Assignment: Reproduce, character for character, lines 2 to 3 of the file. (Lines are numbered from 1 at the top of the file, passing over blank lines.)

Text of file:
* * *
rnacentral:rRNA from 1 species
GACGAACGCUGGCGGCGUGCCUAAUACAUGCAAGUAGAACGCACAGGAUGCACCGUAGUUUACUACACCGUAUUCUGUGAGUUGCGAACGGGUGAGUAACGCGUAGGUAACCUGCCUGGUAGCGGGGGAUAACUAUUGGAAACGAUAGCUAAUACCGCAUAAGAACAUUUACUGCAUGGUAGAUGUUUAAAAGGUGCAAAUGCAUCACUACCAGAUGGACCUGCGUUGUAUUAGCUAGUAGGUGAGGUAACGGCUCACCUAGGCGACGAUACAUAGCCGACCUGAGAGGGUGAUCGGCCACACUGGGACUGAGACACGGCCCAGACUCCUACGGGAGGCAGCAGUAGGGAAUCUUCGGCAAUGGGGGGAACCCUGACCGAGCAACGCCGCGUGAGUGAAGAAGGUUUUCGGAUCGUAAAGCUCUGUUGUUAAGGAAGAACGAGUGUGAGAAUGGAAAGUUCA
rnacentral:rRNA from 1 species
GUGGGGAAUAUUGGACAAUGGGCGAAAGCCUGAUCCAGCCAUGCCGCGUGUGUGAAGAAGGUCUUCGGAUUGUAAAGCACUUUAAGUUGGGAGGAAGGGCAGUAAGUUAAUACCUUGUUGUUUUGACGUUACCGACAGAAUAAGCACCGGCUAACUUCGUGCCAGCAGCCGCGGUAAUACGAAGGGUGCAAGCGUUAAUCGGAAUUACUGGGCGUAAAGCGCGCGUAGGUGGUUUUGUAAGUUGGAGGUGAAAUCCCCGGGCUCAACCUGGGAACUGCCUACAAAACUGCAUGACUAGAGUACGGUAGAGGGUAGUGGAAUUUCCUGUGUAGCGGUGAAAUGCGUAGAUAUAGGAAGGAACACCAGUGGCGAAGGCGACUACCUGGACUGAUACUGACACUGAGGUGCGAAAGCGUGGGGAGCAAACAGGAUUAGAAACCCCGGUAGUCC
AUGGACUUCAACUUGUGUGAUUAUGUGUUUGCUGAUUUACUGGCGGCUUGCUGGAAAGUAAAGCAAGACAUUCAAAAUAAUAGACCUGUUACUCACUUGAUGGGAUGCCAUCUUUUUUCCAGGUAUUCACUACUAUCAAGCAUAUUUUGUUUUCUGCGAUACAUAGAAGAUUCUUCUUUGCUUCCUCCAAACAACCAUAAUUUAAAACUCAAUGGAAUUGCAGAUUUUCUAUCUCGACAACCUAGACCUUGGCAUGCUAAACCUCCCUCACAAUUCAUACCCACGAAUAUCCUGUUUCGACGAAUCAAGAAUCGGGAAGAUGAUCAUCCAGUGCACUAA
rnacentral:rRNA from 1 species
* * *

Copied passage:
GACGAACGCUGGCGGCGUGCCUAAUACAUGCAAGUAGAACGCACAGGAUGCACCGUAGUUUACUACACCGUAUUCUGUGAGUUGCGAACGGGUGAGUAACGCGUAGGUAACCUGCCUGGUAGCGGGGGAUAACUAUUGGAAACGAUAGCUAAUACCGCAUAAGAACAUUUACUGCAUGGUAGAUGUUUAAAAGGUGCAAAUGCAUCACUACCAGAUGGACCUGCGUUGUAUUAGCUAGUAGGUGAGGUAACGGCUCACCUAGGCGACGAUACAUAGCCGACCUGAGAGGGUGAUCGGCCACACUGGGACUGAGACACGGCCCAGACUCCUACGGGAGGCAGCAGUAGGGAAUCUUCGGCAAUGGGGGGAACCCUGACCGAGCAACGCCGCGUGAGUGAAGAAGGUUUUCGGAUCGUAAAGCUCUGUUGUUAAGGAAGAACGAGUGUGAGAAUGGAAAGUUCA
rnacentral:rRNA from 1 species